“Contracts Freely Entered Into” or “An Offer He Couldn’t Refuse”?

October 6, 2017
Posted by Jay Livingston

On Monday, the Supreme Court heard arguments about arbitration clauses in the contracts that consumers and employees sign. I don’t know how many times I have clicked on “I agree,” but one of the things I’ve probably agreed to was arbitration.

Imagine that a company is adding a small and almost hidden fee to the bills of all its customers. If I notice it, and if I complain, the company might give me back the few dollars it has scammed me out of over the past several months. But they’ll keep the money that thousands of less vigilant customers have paid. Or maybe they won’t do the right thing. I could file a lawsuit. But even the cheapest lawyer would cost far more than the amount of money I might get back.

The way to stop the scam is for some ambitious lawyer to file a class-action suit on behalf of all the victims. But it turns out that all of us have clicked “I agree.” We will each have to settle the dispute in individual arbitration. No class action. Me vs. Wells Fargo. Guess who’s going to win.
       
It’s the same for workers whose employment contracts have arbitration clauses.

Earlier this year, Susan Fowler sparked an uproar in the technology industry with allegations of sexual harassment and gender discrimination at Uber. An internal investigation led to more than 200 employee complaints and at least 20 terminations. But Fowler may not be able to sue Uber in court. When she joined the ridesharing company, Uber required her to resolve any disputes through private arbitration and waive her right to participate in a class action. (Wired)



Sunday night at 10:00 – just a few hours before the Supreme Court heard the oral arguments – “The Deuce,” had a memorable scene about individual arbitration. The show has several interwoven plot lines, all set in the grittier regions of the 1970s New York City ecosystem. In the blue-collar biota, Bobby is in charge of paychecks at a construction site. His brother-in-law, a sleazo named Vinnie who knows some mob guys, suggests that instead of handing out paychecks they become in effect a check-cashing service. The worker signs over his check and receives cash minus a 5% cut. The workers will be OK with it. Pay comes at the end of the day on Friday, the workers want cash for the weekend, and the banks are closed till Monday.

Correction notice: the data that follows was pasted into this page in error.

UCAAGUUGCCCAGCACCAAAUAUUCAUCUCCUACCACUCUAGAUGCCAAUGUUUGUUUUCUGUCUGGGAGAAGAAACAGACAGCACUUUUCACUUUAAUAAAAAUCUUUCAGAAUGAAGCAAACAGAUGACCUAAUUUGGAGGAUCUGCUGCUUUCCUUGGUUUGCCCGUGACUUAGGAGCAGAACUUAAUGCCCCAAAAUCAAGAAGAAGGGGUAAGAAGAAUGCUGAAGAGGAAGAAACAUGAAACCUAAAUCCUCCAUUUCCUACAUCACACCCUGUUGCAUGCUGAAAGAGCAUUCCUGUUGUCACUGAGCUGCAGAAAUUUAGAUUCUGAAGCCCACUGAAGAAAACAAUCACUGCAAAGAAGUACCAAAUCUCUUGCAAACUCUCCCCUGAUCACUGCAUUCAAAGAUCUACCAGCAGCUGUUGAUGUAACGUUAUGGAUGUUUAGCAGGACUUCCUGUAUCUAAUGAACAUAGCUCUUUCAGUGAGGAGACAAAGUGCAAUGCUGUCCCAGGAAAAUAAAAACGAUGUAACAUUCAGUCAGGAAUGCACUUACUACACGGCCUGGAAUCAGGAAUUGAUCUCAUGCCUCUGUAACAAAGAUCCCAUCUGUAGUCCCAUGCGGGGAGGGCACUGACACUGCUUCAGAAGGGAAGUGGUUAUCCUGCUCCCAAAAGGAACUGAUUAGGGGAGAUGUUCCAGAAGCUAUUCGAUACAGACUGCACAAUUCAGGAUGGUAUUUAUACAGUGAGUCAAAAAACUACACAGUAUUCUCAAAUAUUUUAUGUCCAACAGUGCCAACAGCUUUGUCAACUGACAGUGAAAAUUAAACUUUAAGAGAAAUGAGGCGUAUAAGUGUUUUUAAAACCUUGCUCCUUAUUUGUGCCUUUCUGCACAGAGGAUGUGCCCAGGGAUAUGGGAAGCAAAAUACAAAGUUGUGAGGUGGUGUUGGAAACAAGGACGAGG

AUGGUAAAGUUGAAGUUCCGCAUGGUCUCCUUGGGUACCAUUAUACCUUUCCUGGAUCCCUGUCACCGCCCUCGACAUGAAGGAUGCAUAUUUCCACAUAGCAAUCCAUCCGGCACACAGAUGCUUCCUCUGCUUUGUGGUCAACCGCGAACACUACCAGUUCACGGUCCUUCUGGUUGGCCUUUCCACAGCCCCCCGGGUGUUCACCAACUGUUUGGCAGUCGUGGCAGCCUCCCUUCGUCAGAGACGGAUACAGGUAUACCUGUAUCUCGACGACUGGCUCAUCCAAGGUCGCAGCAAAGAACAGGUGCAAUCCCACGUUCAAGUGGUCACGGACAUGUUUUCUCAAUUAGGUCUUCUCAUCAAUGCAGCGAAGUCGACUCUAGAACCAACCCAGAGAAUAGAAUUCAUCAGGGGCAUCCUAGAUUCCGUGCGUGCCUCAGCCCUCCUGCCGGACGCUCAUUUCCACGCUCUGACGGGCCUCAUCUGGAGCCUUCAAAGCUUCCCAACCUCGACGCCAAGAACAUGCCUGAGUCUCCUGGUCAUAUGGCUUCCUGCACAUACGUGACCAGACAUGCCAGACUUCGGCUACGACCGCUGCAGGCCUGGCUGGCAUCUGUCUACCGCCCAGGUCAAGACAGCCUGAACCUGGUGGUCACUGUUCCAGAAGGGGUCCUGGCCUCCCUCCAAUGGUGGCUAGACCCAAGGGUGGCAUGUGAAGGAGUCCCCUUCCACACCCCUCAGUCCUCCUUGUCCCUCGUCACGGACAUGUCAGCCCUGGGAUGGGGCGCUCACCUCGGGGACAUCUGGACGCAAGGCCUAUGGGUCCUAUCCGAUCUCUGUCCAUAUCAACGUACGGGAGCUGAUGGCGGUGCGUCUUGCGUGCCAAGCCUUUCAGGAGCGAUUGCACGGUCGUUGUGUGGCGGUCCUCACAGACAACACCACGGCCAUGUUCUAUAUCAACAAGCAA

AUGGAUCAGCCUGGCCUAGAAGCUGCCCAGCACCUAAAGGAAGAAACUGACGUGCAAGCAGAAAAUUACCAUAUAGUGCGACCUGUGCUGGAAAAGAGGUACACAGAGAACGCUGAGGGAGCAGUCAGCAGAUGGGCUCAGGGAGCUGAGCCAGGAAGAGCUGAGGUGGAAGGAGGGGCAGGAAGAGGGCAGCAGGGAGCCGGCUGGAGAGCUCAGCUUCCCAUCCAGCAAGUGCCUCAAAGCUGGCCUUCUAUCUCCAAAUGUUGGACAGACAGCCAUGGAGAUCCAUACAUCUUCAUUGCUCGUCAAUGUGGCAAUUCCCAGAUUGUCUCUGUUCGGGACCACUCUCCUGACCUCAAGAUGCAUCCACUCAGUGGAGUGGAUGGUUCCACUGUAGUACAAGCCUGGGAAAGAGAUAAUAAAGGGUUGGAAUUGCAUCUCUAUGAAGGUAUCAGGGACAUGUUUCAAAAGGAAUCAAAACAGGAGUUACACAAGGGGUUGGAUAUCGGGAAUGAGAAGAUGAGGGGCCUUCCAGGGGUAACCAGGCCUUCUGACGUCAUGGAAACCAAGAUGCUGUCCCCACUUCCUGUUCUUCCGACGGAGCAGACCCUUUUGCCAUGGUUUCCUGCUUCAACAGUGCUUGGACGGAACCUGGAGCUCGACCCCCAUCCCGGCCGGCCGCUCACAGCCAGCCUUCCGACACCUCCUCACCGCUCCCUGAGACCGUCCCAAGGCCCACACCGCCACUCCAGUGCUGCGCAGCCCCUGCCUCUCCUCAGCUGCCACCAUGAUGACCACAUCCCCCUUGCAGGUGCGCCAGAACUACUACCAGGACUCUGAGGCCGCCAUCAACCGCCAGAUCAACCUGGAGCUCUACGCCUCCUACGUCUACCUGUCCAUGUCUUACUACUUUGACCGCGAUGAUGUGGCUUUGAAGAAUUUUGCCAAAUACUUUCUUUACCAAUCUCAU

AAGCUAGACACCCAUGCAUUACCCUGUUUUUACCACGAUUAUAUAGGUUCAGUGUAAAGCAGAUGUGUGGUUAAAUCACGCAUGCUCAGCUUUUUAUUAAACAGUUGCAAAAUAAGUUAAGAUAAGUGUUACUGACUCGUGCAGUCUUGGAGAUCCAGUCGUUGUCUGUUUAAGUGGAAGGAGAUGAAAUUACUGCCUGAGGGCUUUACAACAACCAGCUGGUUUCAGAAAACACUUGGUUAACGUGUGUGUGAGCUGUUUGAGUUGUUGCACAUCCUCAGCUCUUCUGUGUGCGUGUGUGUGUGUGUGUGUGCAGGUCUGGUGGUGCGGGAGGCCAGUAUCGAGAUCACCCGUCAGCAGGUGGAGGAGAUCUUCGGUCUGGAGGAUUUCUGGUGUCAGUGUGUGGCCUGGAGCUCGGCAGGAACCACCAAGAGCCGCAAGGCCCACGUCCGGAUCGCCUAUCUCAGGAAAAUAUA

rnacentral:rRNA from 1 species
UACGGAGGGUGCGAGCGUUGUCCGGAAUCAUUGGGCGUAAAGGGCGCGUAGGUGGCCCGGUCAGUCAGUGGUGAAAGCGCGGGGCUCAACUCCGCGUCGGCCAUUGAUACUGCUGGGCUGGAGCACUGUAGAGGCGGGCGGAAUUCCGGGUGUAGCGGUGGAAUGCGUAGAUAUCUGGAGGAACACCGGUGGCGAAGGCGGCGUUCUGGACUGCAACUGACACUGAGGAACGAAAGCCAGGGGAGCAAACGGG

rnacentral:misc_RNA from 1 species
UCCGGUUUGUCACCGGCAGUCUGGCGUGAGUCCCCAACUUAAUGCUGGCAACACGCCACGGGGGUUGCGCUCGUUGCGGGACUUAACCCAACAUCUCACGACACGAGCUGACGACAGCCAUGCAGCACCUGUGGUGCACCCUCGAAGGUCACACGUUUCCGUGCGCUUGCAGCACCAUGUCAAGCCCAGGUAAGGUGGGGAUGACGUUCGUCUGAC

Except one of the workers, Bill Schmidt, wants his check for the full amount. Word of this gets around to the mob guy. He comes to the construction site with his enforcer, has Schmidt called aside, and supervises the mob version of individual arbitration – the goon beats Schmidt brutally.

I doubt that Justices Gorsuch or Roberts or any of the others were watching “The Deuce,” and if they were, I doubt that they saw a connection. After all, there are obvious differences between Uber and the Gambino family. MasterCard is not the Mafia. Wells Fargo didn’t beat up their employees who were reluctant to join in the scam. Wells Fargo just made it impossible for them to get jobs in banking.

We all know the most famous case of a contract signed under a power imbalance.




The important similarity is the discrepancy in power. At some point, that power difference makes it ludicrous to talk about “contracts freely entered into.”

When there are only one or two cable providers or credit card companies, and they all have the same provisions in their contracts, how meaningful is “I agree,” especially when these companies have armies of lawyers? They may also have on their side the Republican-appointed majority of the Supreme Court.

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